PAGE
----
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Etching

plate lines acid bitten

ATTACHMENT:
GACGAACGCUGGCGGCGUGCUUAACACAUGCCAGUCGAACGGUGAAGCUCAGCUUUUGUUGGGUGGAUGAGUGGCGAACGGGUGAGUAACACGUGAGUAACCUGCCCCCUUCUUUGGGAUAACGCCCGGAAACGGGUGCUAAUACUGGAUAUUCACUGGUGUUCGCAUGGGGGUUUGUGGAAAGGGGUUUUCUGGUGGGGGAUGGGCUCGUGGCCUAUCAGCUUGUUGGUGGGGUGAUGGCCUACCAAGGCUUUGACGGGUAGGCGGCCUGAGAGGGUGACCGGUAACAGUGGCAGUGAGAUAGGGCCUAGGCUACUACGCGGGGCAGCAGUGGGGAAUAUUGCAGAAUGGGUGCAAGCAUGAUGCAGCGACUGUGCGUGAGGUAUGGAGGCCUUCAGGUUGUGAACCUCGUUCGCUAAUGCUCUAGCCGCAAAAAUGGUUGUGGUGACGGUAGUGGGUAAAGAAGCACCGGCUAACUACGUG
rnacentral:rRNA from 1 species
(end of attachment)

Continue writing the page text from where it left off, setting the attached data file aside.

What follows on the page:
Etching, method of engraving in which acid is used to carve the lines into a metal plate; also, the print obtained from such a plate. Modern plates are usually copper or zinc. The plate is covered with an “etching ground,” an acid-resistant film of mixed waxes and resins, on which the etcher draws. The plate is then submerged in an acid bath until the faintest lines have been bitten. It is then removed, and these lines are “stopped out” (protected) with varnish. The process is successively repeated until the darkest lines (those exposed longest to the acid) have been bitten.

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